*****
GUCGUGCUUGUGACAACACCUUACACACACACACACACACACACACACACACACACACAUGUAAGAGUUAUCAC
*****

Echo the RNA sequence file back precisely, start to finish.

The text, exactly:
GUCGUGCUUGUGACAACACCUUACACACACACACACACACACACACACACACACACACAUGUAAGAGUUAUCAC